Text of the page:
However, integrated circuit subsystems in the host bridge circuit require enough signal lines to communicate address, data, and control information for both the host bus and the peripheral component bus. The resulting large packages sizes of the integrated circuit devices greatly increases the system cost. Moreover, the host bridge devices must process memory accesses to the shared resource as well as I/O access of configuration registers, which increases the complexity of logic implemented in the host bridge devices.

As will be described, the present method and apparatus reduces cost and complexity of devices for a bus bridge circuit by dividing address and data paths between separate devices to reduce pin count, and by looping back "bridged" configuration data to access configuration registers.

SUMMARY OF THE INVENTION

A method and apparatus is disclosed for reducing cost and complexity of devices in a bus bridge circuit by dividing address and data paths between separate devices to reduce pin count, and by looping back "bridged" configuration data to access configuration registers. The bridge circuit is comprised primarily of two integrated circuit devices: a cache DRAM controller (CDC), and a data path unit (DPU).

The host bridge circuit "bridges" all I/O accesses received over a host bus directly to a peripheral component bus without the need for any address decoding. The CDC receives addresses for I/O accesses over an address portion of the host bus, and the DPU receives corresponding data for the I/O accesses over a data portion of the host bus. The CDC also receives control signals over the host bus indicating an I/O access cycle.

To bridge I/O access cycles, the host bridge circuit translates the host bus I/O access cycles into I/O access cycles for the peripheral component bus. The CDC generates an I/O access cycle on the peripheral component bus by assuming the role of bus initiator on the peripheral component bus, generating control signals indicating an I/O access cycle, and transferring the address received over the address portion of the host bus to the peripheral component bus. The CDC also generates control signals, which cause the DPU to transfer data received over the data portion of the host bus to the peripheral component bus.

To loop back configuration data, the host bridge circuit "bridges" the host bus I/O access cycles targeted for the configuration registers of the CDC. The CDC bus initiator on the peripheral component bus initiates and drives the I/O access cycle targeted for the configuration registers. However, the CDC also monitors the peripheral component bus as a bus target. The CDC decodes the control signals on the peripheral component bus indicating an I/O access, and decodes the address transmitted on the peripheral component bus. If the address corresponds to a configuration register, the CDC receives the data as a target on the peripheral component bus. Thus, for I/O access cycles generated by the host bridge circuit and targeted for a configuration register, the CDC is both initiator and target for the peripheral component bus I/O access cycle.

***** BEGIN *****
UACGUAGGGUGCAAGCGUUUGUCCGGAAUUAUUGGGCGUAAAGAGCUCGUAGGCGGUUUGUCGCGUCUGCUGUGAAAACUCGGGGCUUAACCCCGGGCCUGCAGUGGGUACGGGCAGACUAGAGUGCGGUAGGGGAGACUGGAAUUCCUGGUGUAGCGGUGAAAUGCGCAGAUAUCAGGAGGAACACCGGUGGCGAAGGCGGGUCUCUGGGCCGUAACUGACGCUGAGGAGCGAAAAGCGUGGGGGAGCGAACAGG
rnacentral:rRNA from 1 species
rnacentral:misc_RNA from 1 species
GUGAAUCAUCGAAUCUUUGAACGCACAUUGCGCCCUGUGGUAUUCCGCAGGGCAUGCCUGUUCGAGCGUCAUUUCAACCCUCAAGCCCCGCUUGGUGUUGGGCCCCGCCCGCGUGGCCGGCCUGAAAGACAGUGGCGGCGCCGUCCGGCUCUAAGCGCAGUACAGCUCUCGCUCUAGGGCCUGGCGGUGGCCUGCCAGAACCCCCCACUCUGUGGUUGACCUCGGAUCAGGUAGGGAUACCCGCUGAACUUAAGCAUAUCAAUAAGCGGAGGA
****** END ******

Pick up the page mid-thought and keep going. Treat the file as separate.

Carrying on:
BRIEF DESCRIPTION OF THE DRAWINGS

FIG. 1 illustrates an example computer system employing the teachings of the present invention, including a hierarchical arrangement of buses comprising a host bus, a host bridge circuit, a peripheral component bus, and an ISA bus.

FIG. 2 is a more detailed illustration of the host bridge circuit, which is comprised primarily of two integrated circuit devices: a cache DRAM controller (CDC), and a data path unit (DPU).

FIG. 3 shows the coupling of the host bridge circuit to the host bus and the memory bus, and shows the bus signals implemented on the peripheral component bus.

FIG. 4 illustrates the timing of an I/O write cycle targeted for a configuration register of the CDC. The I/O write cycle originates on the host bus and is looped back over the peripheral component bus to the CDC.

DETAILED DESCRIPTION OF THE INVENTION

A method and apparatus is disclosed for reducing cost and complexity of devices in a bus bridge circuit by dividing address and data paths between separate devices to reduce pin count, and by looping back "bridged" configuration data to access configuration registers. In the following description, for purposes of explanation, specific circuit devices, circuit architectures and components are set forth in order to provide a more thorough understanding of the present invention. However, it will be apparent to one skilled in the art that the present invention may be practiced without these specific details. In other instances, well known circuits and devices are shown in schematic form in order not to obscure the present invention unnecessarily.

Referring now to FIG. 1, an example computer system employing the teachings of the present invention is illustrated. A CPU 15 and a cache subsystem 16 are shown coupled for communication over a host bus 18. In the current embodiment, the host bus 18 provides a 32 bit memory address space and a 16 bit I/O address space.